232. The Roche cobas® Liat FluA/B Assay: Filling the Need for a Simple, Sensitive, STAT PCR Test for Influenza
Session: Poster Abstract Session: Diagnostics: Virology
Thursday, October 8, 2015
Room: Poster Hall
Posters
  • Liat poster semi final 9-29_rev final.png (865.9 kB)
  • Background: We compared the performance of the Liat FluA/B assay (Roche Molecular, Branchburg, NJ) with that of our current test, the Focus Diagnostics 3M Simplexa FluA/B & RSV Kit (Cypress, CA; Simplexa).

    Methods: Following the manufacturer’s instructions, we analyzed directly 40 residual patient specimens that had been frozen in virus transport medium (Meridian, Cincinnati, OH). Aliquots had previously been extracted by MagNA Pure (Roche) and reported as Simplexa positive only for Flu A (20: winter 2013-2014, presumptive H1:N1; and 20: winter 2014-2015, presumptive H3:N2) or for FluB (10: winter 2014-2015). We also included 9 frozen patient samples that had tested positive for respiratory syncytial virus (RSV) but negative for both FluA and FluB by Simplexa.  

    Results: Among the 40 FluA-positive specimens, one was missed by Liat: it had a crossing threshold (CT) in the Simplexa assay of 37.1, indicating a low concentration of virus. When re-extracted and re-analyzed the discordant sample remained Simplexa-positive with a similar CT. The CTs of other specimens were lower suggesting the presence of higher concentrations of virus. An alternative molecular technique detected this organism and identified it as FluA, type H3. Overall sensitivity for FluA was 97.5%: 95% for 2013-2014 and 100% for 2014-2015. Liat detected 10/10 samples that were Simplexa positive for FluB (sensitivity: 100%).  Among 9 specimens reported by Simplexa as positive for RSV but negative for both FluA and FluB, none was reported as positive by Liat for either influenza virus. No dual FluA/B infection was reported by Liat. The specificities of Liat for FluA and for FluB were each 100%.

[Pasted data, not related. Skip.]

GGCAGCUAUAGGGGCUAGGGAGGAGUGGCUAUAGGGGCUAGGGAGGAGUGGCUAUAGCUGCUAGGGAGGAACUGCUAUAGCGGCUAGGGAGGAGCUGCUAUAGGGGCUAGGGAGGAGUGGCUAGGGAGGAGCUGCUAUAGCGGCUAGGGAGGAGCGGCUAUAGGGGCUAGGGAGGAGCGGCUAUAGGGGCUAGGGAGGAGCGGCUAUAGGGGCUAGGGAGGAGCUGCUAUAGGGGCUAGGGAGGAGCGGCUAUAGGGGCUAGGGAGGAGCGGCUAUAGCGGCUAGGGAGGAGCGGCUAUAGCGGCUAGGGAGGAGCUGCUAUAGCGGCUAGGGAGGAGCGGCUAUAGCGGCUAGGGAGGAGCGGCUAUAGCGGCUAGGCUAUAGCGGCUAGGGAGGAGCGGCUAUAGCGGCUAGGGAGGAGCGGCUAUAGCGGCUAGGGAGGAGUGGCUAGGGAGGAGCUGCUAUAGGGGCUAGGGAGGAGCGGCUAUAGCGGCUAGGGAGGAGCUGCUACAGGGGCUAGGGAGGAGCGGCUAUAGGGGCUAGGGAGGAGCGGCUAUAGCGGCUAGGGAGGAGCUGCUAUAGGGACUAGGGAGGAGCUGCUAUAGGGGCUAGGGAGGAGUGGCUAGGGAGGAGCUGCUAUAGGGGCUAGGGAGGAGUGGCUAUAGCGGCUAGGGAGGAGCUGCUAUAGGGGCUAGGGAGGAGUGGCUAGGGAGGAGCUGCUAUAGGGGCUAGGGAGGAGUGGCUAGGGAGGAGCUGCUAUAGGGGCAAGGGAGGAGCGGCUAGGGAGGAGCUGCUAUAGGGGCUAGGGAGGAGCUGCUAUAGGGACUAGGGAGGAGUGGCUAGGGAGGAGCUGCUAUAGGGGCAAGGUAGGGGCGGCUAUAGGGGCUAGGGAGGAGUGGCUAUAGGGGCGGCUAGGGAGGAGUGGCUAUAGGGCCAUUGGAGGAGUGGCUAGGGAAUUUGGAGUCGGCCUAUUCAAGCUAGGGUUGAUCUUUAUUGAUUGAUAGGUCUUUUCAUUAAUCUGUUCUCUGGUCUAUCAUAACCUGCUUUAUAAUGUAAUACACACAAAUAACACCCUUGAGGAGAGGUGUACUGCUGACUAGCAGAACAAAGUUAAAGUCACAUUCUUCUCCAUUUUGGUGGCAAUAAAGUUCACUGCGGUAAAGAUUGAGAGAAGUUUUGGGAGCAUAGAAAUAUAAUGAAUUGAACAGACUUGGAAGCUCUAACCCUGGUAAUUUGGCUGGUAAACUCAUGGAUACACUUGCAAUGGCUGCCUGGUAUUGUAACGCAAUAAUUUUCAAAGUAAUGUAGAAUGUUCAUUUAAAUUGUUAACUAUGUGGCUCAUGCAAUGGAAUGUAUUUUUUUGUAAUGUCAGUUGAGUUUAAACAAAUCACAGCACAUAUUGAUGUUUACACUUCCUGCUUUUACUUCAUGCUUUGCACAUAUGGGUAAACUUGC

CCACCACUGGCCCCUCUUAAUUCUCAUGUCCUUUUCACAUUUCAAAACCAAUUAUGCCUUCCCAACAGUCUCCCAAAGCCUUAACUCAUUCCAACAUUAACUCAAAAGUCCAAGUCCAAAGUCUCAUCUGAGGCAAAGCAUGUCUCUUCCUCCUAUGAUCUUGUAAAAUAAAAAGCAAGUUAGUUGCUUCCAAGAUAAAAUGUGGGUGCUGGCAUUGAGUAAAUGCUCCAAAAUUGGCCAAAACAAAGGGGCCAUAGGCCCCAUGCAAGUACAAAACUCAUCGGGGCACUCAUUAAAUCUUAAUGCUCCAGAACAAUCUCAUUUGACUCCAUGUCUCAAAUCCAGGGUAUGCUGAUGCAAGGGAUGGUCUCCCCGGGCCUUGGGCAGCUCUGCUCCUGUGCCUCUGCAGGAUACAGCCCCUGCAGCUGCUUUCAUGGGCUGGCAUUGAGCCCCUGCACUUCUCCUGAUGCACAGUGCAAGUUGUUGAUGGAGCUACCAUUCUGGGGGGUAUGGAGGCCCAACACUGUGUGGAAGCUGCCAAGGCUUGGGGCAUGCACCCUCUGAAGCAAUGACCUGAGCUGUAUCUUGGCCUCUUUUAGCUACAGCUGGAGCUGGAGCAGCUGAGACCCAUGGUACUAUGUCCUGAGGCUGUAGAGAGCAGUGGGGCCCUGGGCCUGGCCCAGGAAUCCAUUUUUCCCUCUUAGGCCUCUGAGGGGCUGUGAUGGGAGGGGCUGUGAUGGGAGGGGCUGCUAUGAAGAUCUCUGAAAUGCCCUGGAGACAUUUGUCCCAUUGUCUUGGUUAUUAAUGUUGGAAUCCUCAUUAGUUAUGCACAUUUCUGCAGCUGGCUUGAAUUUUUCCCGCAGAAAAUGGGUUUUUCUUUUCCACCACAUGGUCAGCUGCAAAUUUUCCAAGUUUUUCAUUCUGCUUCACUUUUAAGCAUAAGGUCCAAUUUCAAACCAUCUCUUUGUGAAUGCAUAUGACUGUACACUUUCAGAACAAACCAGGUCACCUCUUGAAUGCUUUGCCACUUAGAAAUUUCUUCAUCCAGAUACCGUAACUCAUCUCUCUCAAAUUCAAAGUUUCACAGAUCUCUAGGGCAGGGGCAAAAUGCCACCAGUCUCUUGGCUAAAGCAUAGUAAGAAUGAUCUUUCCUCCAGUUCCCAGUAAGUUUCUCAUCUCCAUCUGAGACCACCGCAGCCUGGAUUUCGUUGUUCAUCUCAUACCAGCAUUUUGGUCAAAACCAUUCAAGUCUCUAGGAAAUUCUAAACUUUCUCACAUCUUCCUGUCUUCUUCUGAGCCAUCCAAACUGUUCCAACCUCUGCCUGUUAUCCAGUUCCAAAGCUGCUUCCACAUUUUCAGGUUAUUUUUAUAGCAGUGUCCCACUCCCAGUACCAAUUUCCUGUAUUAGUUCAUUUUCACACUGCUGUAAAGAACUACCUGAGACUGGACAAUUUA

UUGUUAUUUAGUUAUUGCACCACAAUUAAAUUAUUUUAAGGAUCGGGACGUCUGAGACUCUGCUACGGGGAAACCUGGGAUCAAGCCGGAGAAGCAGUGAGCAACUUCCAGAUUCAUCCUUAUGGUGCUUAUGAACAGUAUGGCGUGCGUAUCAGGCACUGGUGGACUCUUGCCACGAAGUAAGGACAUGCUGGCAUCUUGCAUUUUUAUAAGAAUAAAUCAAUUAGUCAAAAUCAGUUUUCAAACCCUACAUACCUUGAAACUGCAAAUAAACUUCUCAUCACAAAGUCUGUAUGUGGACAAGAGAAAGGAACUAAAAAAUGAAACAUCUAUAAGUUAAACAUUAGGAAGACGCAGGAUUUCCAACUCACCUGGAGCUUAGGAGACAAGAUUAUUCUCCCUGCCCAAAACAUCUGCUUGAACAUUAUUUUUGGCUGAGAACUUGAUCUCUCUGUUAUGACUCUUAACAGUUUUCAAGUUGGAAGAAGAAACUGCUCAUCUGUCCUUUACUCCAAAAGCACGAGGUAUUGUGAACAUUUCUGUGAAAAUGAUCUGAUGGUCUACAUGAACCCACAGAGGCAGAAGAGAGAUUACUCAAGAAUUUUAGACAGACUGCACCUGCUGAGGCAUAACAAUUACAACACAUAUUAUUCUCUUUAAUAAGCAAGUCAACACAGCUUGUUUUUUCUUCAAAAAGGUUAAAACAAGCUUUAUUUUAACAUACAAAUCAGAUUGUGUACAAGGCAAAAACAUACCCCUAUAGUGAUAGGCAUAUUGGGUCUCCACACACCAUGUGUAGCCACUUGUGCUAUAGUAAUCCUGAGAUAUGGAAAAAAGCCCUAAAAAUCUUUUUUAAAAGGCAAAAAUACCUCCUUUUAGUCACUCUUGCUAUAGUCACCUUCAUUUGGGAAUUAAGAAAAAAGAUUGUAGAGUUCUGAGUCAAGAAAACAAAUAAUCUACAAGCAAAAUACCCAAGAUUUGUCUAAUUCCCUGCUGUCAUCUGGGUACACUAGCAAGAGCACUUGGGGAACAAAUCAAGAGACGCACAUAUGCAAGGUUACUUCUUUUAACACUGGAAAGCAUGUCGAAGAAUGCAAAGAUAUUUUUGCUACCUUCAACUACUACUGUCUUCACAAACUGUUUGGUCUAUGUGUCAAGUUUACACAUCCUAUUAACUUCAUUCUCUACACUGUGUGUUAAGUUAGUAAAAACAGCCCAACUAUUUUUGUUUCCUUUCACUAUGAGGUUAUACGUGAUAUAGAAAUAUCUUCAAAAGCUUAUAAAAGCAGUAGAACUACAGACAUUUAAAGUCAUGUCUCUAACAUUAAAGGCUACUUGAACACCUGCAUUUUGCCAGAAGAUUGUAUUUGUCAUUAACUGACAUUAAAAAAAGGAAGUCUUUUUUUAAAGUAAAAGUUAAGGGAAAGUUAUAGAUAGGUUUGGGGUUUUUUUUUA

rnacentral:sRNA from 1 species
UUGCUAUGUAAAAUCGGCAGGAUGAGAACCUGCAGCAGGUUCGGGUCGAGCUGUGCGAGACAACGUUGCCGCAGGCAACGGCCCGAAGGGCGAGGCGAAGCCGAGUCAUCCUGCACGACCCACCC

Conclusion: Liat is a good candidate for a STAT molecular test for fluA/B. It is rapid, sensitive and specific, and requires no nucleic acid extraction or specialized molecular training. The analyzer is small (footprint: 11.4 x 24 cm) and light (3.76 Kg). Results are available in about 20 min, with 1 min hands-on time.  It is not presently classified as a waived test by the U.S. FDA.

    Hossein Salimnia, Ph.D.1,2, Marilynn Fairfax, M.D./Ph.D.1,2, Vandana Verma-Ahuja, MT(ASCP)1, Dawn Prebelich, MT(ASCP)1 and Paul Lephart, PhD1, (1)Detroit Medical Center University Laboratories, Detroit, MI, (2)Dept. of Pathology, Wayne St. Univ. Sch. of Med., Detroit, MI

    Disclosures:

    H. Salimnia, Nanosphere: Grant Investigator , Grant recipient and Research grant
    BioFire: Grant Investigator , Grant recipient and Research grant
    GenMark: Grant Investigator , Grant recipient and Research grant
    Accelerate: Grant Investigator , Grant recipient and Research grant
    AdvanDx: Grant Investigator , Grant recipient and Research grant

    M. Fairfax, None

    V. Verma-Ahuja, None

    D. Prebelich, None

    P. Lephart, None

    Findings in the abstracts are embargoed until 12:01 a.m. PDT, Wednesday Oct. 7th with the exception of research findings presented at the IDWeek press conferences.